Jeffrey C. Thomas was moved by the plight of Heather Galioto, 36, a Stow wife and mother of five children ages 2 to 18, who has an extremely aggressive form of brain cancer. So he decided to show up at a fundraiser to surprise her with a gift.
Ironically, it was made possible after the Sept. 23 death of his father, Dr. Russell L. Thomas, an Akron neurosurgeon who had battled a number of difficult diagnoses including several types of cancer.
“In his obituary, I suggested in lieu of flowers donations should be made to the Alpha Excel Foundation,” Jeffrey Thomas noted. “I further stated that ‘all funds raised will be used for the benefit of neurosurgical patients in Akron, Ohio.’ You’d be surprised how hard it is give away relatively small amounts of money. …
“That’s when I read your article of Nov. 16 concerning Heather Galioto. I did a fair amount of due diligence. … It truly is a tragic story. From everyone I have spoken to, she is a terrific lady with a great attitude. I therefore decided to bring $3,500 worth of checks to her ‘No One Fights Alone’ benefit. …
“It was a rather moving experience,” he continued. “I gave Heather the envelope. She peeked inside, saw the check made out to her for $1,000 and immediately began shaking and crying. As she was hugging my girlfriend and I repeatedly, her husband came over to see what all the commotion was about. When she was showing him the envelope, she realized there were five more checks for $500 each, one for each of her children, and the process started all over again. …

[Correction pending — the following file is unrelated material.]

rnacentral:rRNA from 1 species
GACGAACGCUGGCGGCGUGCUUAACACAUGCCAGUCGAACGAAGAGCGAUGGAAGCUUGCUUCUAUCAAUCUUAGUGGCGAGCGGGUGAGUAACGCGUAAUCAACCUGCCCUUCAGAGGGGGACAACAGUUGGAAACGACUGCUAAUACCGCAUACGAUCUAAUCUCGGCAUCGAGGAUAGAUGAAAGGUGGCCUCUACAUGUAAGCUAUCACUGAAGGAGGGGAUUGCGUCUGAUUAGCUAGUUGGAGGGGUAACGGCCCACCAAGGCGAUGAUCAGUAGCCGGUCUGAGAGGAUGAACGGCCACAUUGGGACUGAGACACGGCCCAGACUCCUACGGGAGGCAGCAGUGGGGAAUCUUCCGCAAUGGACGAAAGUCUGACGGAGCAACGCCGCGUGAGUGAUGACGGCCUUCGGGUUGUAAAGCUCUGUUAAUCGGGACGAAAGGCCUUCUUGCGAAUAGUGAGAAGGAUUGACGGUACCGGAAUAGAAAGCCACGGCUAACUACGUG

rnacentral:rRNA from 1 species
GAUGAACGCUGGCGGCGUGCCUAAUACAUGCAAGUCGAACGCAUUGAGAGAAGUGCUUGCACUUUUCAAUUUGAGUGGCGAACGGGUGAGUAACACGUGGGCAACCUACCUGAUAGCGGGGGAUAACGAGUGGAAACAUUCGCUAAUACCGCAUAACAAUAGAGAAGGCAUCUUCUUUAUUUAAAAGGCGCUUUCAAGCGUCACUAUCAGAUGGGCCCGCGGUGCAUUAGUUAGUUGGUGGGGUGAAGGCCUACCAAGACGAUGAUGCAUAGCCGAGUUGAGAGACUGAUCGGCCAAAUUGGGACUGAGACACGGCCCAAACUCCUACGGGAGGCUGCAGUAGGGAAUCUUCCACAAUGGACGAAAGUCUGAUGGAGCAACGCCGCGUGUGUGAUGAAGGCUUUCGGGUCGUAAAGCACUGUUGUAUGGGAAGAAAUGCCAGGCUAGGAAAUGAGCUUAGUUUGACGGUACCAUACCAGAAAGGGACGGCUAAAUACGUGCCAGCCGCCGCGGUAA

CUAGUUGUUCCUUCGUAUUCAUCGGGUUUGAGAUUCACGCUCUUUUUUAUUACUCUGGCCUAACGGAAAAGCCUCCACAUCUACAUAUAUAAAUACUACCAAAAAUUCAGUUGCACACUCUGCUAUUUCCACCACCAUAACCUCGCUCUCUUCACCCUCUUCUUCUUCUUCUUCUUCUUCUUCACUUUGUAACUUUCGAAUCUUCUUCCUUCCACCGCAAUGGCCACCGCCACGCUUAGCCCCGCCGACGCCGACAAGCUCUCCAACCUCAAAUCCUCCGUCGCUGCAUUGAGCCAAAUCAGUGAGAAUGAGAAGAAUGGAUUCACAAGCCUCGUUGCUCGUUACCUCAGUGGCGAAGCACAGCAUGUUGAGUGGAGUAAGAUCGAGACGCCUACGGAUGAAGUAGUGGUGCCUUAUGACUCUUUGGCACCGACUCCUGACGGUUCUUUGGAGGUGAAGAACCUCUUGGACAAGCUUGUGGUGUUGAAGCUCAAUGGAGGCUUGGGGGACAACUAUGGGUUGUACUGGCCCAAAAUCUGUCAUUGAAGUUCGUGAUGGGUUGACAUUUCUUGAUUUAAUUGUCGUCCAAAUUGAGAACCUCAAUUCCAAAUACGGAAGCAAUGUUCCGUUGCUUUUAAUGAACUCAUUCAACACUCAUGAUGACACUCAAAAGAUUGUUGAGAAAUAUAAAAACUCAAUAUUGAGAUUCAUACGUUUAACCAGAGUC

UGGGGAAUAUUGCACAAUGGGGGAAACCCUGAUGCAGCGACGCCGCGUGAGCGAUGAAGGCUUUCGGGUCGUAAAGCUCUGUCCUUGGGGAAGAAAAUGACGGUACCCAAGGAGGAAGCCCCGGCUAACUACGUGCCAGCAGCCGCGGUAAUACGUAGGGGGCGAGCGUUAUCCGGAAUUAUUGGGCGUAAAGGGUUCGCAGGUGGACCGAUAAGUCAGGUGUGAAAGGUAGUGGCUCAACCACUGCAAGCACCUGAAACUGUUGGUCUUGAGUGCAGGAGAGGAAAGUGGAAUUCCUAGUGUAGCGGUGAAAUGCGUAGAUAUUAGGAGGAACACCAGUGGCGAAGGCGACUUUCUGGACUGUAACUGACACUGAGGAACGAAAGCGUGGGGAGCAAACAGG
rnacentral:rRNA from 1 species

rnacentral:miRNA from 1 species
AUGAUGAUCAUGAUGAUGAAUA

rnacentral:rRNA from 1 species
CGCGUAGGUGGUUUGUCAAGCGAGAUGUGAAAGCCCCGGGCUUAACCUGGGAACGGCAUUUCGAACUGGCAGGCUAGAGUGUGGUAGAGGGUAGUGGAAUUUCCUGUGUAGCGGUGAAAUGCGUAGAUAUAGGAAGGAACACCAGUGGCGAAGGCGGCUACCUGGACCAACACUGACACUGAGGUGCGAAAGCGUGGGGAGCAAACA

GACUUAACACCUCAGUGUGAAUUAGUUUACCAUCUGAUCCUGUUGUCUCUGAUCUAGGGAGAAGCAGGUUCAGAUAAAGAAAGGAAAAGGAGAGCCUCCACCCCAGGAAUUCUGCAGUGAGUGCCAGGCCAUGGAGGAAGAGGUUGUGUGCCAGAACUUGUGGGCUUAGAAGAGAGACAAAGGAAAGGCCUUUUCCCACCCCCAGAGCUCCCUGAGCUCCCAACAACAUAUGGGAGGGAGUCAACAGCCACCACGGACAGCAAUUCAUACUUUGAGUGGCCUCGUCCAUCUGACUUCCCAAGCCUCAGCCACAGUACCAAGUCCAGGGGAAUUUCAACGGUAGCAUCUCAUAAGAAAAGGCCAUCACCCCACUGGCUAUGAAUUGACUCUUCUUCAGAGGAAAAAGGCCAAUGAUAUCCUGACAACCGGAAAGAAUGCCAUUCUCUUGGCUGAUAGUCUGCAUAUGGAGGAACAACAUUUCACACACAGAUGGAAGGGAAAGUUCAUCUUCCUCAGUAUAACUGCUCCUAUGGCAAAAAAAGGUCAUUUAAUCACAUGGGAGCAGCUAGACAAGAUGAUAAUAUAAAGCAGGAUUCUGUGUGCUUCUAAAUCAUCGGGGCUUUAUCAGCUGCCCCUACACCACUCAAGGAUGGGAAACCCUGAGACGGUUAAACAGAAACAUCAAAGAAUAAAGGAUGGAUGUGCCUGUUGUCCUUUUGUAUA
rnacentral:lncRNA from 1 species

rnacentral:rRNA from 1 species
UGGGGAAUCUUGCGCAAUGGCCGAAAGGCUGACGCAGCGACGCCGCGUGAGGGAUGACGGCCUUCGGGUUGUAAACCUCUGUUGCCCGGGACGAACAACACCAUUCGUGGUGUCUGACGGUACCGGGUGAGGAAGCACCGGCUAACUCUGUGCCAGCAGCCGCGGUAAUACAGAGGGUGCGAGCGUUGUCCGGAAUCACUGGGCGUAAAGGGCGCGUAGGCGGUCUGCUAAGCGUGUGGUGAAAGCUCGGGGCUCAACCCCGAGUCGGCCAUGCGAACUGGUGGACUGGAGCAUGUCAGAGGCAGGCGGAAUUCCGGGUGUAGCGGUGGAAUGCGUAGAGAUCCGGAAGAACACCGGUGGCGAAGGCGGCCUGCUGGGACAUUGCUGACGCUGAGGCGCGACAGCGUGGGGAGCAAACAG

“Another interesting tidbit was that Heather had her MRI scan that led to her diagnosis on the same day we decided to discontinue life support on my dad. Her 2-year-old son’s birthday was the same day [Sept. 19].”
Soccer balls donated
When I published a request on behalf of four Kent State University students from Haiti who wanted regulation-size soccer balls to take with them over holiday break to the children in their hometown of Quanaminthe — still devastated by the 2010 earthquake — I had no idea what the response would be.
“Soccer is a big sport in the country, and a single ball can serve to provide many young Haitians with a lot of joy and satisfaction,” George R. Garrison, professor of Pan-African studies, had explained in his email on behalf of Sony Ton-Aime, Florvilson Jumior Marcelin, Venix Cador and Jodex Saint-Vil.
Many, many thanks to the individual contributors who literally went running to bring soccer balls. A total of 370 were collected, including 50 from a reader in Pakistan.
Jennifer Bishop and Chuck Hamad personally delivered 260 balls to a grateful Garrison. But why?
“The simple answer is opportunity plus timing,” Jennifer Bishop wrote. “Chuck [who owns Hamad Tire] had been running a marketing promotion, offering soccer balls to customers, and now that soccer season is over, his inventory was high and the demand low. And then we read your column, and thought we could share some of our good fortune with others.”
Who knows just how far-reaching their gifts and those of other donors will be? Perhaps a child, living so long without hope, will find his or her future in with the kick of that soccer ball.